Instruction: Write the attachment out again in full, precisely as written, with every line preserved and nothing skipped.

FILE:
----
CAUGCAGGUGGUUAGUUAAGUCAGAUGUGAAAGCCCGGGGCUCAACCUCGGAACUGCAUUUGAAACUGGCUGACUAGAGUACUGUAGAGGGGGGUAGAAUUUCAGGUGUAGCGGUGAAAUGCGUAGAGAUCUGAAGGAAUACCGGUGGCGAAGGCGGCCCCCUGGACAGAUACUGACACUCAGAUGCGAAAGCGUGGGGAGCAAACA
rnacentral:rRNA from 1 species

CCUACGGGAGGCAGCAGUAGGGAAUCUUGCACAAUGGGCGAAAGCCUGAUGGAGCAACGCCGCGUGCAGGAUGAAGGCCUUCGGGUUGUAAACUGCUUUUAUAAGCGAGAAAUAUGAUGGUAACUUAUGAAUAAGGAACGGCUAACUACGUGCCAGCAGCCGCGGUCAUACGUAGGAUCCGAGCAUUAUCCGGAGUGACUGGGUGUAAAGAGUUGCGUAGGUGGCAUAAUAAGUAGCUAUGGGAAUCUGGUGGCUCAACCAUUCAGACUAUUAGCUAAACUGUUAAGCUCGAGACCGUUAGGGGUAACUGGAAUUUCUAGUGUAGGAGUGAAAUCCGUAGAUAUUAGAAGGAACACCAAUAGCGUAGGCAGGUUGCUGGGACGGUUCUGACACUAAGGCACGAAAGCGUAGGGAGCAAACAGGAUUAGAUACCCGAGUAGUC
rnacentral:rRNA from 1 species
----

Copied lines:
CAUGCAGGUGGUUAGUUAAGUCAGAUGUGAAAGCCCGGGGCUCAACCUCGGAACUGCAUUUGAAACUGGCUGACUAGAGUACUGUAGAGGGGGGUAGAAUUUCAGGUGUAGCGGUGAAAUGCGUAGAGAUCUGAAGGAAUACCGGUGGCGAAGGCGGCCCCCUGGACAGAUACUGACACUCAGAUGCGAAAGCGUGGGGAGCAAACA
rnacentral:rRNA from 1 species

CCUACGGGAGGCAGCAGUAGGGAAUCUUGCACAAUGGGCGAAAGCCUGAUGGAGCAACGCCGCGUGCAGGAUGAAGGCCUUCGGGUUGUAAACUGCUUUUAUAAGCGAGAAAUAUGAUGGUAACUUAUGAAUAAGGAACGGCUAACUACGUGCCAGCAGCCGCGGUCAUACGUAGGAUCCGAGCAUUAUCCGGAGUGACUGGGUGUAAAGAGUUGCGUAGGUGGCAUAAUAAGUAGCUAUGGGAAUCUGGUGGCUCAACCAUUCAGACUAUUAGCUAAACUGUUAAGCUCGAGACCGUUAGGGGUAACUGGAAUUUCUAGUGUAGGAGUGAAAUCCGUAGAUAUUAGAAGGAACACCAAUAGCGUAGGCAGGUUGCUGGGACGGUUCUGACACUAAGGCACGAAAGCGUAGGGAGCAAACAGGAUUAGAUACCCGAGUAGUC
rnacentral:rRNA from 1 species